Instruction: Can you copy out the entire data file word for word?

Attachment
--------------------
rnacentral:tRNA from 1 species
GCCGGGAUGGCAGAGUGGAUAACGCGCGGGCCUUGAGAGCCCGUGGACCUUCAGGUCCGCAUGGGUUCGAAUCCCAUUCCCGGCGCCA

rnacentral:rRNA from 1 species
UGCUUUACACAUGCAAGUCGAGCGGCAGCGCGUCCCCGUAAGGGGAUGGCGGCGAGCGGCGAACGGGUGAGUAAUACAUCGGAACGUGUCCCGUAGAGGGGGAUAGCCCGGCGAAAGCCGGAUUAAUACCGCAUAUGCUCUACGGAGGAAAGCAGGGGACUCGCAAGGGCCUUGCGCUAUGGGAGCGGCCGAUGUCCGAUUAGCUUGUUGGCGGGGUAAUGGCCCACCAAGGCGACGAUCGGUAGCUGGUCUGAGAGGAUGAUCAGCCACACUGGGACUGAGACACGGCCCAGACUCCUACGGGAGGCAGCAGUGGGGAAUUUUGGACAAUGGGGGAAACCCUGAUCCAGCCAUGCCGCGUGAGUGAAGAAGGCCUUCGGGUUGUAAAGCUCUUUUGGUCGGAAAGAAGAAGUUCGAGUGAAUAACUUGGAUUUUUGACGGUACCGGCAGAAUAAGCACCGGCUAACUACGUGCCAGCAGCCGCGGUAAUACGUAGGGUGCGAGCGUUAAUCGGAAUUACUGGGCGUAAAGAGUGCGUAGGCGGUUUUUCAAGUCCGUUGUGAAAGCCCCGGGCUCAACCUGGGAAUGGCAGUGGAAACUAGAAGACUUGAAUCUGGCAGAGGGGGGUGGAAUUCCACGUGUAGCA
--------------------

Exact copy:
rnacentral:tRNA from 1 species
GCCGGGAUGGCAGAGUGGAUAACGCGCGGGCCUUGAGAGCCCGUGGACCUUCAGGUCCGCAUGGGUUCGAAUCCCAUUCCCGGCGCCA

rnacentral:rRNA from 1 species
UGCUUUACACAUGCAAGUCGAGCGGCAGCGCGUCCCCGUAAGGGGAUGGCGGCGAGCGGCGAACGGGUGAGUAAUACAUCGGAACGUGUCCCGUAGAGGGGGAUAGCCCGGCGAAAGCCGGAUUAAUACCGCAUAUGCUCUACGGAGGAAAGCAGGGGACUCGCAAGGGCCUUGCGCUAUGGGAGCGGCCGAUGUCCGAUUAGCUUGUUGGCGGGGUAAUGGCCCACCAAGGCGACGAUCGGUAGCUGGUCUGAGAGGAUGAUCAGCCACACUGGGACUGAGACACGGCCCAGACUCCUACGGGAGGCAGCAGUGGGGAAUUUUGGACAAUGGGGGAAACCCUGAUCCAGCCAUGCCGCGUGAGUGAAGAAGGCCUUCGGGUUGUAAAGCUCUUUUGGUCGGAAAGAAGAAGUUCGAGUGAAUAACUUGGAUUUUUGACGGUACCGGCAGAAUAAGCACCGGCUAACUACGUGCCAGCAGCCGCGGUAAUACGUAGGGUGCGAGCGUUAAUCGGAAUUACUGGGCGUAAAGAGUGCGUAGGCGGUUUUUCAAGUCCGUUGUGAAAGCCCCGGGCUCAACCUGGGAAUGGCAGUGGAAACUAGAAGACUUGAAUCUGGCAGAGGGGGGUGGAAUUCCACGUGUAGCA